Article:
About the MWANANCHI Thought Leadership Forum…?
This is a great initiative that gives an opportunity for experts and ordinary citizens to deliberate on important issues which impact livelihoods and the economy in general. FAO congratulates the MWANANCHI Thought Leadership Forum in leading by example to show the positive role of media in fostering development.
‘Agriculture Our Lifeline’ is a befitting topic for all stakeholders because, with agriculture, you achieve economic development, food security and nutrition. Agriculture engages a majority of the people in this country and puts money in the pockets of many people.
Dar es Salaam. What ails the agriculture sector in Tanzania and what are the best interventions to reverse its meagre contribution to the Gross Domestic Product (GDP)?
This was the key question thrown on the floor during the Mwananchi Thought Leadership Forum (MTLF) Thursday night, where agriculture experts, financiers and other stakeholders were given a platform to sell their views and give practical solution to problems that impeded the sector.
Unpredictability of policies, multi-regulatory bodies, unfriendly taxation system, poor lending to farmers and poor storage facilities were major factors that were repeatedly blamed for stagnating the agriculture sector in Tanzania.
MTLF, which is conducted for the fourth time, is MCL’s initiative to stimulate national discourse on issues affecting Tanzanians by encouraging dialogue, shaping opinions and policy directions.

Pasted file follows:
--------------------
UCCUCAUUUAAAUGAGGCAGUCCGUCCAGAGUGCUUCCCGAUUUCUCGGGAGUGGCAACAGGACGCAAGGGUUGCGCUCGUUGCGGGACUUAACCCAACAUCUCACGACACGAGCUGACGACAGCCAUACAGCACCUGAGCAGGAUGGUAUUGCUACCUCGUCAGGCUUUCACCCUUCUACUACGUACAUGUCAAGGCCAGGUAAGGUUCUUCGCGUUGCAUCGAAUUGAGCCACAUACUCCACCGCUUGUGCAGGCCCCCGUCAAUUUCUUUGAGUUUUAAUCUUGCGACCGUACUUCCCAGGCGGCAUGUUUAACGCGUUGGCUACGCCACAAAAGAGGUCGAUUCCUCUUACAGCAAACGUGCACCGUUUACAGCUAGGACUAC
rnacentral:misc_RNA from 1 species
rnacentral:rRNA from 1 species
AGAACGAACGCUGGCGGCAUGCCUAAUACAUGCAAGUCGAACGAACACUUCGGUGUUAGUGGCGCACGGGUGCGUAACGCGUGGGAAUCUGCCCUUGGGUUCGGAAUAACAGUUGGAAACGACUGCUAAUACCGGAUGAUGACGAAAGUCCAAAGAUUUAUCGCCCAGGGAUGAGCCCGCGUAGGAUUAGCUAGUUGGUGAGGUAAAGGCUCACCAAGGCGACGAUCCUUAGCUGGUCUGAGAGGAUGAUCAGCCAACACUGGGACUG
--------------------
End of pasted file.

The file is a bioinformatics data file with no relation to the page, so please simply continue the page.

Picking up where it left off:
The forum conduct debates and find practical solutions to key issues that are critical to the development and growth of Tanzania. The theme of Thursday’s gathering organised by MCL in collaboration with ITV/Radio One, was “Agriculture, our lifeline”.
The agriculture sector, whose growth rate in the first quarter of 2019 stood at 7.1 per cent. Contributes 28.8 per cent to the GDP as recorded in the past two years.
Officiating the forum, Agriculture minister Japhet Hasunga challenged stakeholders to ‘scratch their heads’ on what exactly impeded the sector, of which 65.5 per cent of Tanzanians directly depended on for their survival.
“It is high time all agriculture stakeholders brainstorm and come up with the answer on why the sector was not sufficiently productive despite several government interventions to spar its performance,”
suggested Mr Hasunga. Citing some catchphrases like Siasa ni Kilimo, Kiswahili for Politics and Agriculture, Kilimo Kwanza (Agriculture First) and Mpango Kabambe (Ambitious Programme) which came with several national declarations to revamp agriculture and fuel its growth, the minister said time has come to change things around.
“We need to ask ourselves what factors are actually impeding the performance of the sector. Is it lack of opportunities? Or lack of reliable markets? Or is it unfriendly laws and regulations?
In a swift rejoinder, stakeholders called for consistence of policies and change of some laws, regulations, taxation system and strategies if Tanzania is to take the sector to the next level.